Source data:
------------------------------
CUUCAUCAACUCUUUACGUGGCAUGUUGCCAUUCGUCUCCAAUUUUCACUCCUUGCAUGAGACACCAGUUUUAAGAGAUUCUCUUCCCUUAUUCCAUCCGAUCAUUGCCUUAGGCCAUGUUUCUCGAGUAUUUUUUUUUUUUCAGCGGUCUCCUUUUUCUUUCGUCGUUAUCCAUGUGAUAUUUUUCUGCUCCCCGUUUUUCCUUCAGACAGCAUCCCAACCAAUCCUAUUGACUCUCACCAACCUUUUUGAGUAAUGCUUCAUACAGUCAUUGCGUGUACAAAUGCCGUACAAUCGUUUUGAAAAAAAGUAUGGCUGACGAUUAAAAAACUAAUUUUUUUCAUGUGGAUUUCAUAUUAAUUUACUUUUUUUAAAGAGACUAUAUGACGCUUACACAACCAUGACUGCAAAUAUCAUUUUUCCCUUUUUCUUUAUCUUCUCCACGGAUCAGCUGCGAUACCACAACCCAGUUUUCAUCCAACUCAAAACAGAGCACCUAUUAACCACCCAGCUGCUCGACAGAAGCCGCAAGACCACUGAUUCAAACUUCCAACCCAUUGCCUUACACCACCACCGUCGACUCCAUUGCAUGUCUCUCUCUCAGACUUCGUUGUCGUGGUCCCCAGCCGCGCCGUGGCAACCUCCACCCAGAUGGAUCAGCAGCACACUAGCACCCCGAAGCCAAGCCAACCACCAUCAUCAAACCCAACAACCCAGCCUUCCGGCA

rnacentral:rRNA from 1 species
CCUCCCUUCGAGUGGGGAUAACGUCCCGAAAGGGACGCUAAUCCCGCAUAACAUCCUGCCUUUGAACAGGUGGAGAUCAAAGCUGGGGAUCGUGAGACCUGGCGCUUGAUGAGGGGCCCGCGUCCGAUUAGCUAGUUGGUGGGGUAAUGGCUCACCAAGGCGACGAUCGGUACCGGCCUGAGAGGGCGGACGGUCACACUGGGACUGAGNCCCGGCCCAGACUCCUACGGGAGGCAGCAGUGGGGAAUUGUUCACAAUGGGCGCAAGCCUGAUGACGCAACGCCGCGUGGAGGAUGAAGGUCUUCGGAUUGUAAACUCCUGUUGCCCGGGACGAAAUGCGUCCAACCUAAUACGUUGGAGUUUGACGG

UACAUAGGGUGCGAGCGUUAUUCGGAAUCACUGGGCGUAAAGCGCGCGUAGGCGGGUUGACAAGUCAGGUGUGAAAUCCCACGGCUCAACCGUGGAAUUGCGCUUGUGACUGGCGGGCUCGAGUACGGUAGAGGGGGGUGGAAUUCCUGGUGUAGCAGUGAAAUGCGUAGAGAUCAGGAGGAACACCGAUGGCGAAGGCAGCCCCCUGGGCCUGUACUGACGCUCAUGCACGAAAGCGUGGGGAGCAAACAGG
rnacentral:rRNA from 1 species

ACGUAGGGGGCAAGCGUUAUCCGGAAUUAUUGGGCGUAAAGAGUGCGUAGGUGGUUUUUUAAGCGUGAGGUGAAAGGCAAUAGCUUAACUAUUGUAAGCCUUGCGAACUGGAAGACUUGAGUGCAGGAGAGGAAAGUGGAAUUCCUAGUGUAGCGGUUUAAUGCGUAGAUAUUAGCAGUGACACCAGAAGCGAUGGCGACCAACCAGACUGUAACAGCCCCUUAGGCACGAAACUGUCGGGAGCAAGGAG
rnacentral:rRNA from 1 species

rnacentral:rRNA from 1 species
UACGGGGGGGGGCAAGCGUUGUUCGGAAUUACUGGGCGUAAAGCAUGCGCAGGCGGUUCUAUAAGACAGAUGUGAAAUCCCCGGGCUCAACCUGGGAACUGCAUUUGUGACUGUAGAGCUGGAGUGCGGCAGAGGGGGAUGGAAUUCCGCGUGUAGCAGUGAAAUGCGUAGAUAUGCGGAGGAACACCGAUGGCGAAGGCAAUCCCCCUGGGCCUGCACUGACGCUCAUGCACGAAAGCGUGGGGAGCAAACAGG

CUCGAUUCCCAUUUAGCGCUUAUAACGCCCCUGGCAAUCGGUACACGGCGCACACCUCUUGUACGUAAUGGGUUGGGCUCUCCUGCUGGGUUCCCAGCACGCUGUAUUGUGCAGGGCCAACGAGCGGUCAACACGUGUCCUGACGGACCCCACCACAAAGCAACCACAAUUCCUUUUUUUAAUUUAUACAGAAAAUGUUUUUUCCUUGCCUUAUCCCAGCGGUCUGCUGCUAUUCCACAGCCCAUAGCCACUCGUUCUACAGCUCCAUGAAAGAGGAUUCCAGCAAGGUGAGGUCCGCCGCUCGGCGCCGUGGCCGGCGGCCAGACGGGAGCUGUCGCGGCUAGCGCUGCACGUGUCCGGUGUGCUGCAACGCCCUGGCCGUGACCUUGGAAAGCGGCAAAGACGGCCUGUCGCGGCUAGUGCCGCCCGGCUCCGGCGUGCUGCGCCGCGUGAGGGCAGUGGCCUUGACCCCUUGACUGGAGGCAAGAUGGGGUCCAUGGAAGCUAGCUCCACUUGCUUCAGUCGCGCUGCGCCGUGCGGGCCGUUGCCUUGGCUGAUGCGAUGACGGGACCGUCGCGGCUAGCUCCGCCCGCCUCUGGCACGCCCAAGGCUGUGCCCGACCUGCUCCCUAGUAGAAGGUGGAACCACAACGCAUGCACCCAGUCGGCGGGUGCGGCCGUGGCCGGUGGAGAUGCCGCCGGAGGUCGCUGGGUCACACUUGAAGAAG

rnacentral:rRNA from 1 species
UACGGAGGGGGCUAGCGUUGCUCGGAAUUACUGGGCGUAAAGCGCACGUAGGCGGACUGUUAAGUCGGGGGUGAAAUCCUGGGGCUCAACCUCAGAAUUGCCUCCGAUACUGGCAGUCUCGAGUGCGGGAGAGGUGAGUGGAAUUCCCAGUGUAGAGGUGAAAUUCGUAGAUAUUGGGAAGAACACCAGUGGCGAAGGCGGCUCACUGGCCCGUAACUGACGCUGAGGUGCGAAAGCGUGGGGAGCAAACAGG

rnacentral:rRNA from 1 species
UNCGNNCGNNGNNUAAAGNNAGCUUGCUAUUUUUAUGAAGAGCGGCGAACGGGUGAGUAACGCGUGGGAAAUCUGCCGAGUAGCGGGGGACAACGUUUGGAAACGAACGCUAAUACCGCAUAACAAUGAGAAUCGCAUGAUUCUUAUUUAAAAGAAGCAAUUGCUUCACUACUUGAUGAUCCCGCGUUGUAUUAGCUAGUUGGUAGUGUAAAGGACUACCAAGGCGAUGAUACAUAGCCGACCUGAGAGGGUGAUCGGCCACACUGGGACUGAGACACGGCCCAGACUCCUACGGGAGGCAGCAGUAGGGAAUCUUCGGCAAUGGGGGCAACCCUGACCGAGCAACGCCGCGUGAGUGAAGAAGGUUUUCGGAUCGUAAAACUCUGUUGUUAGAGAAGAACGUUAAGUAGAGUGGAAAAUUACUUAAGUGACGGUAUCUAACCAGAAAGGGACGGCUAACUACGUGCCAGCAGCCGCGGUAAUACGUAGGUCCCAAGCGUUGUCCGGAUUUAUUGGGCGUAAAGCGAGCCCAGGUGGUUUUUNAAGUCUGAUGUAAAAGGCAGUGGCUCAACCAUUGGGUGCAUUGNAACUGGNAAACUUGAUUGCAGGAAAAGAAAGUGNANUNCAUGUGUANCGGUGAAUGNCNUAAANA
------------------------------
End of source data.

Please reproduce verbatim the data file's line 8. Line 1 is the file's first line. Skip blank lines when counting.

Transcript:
rnacentral:rRNA from 1 species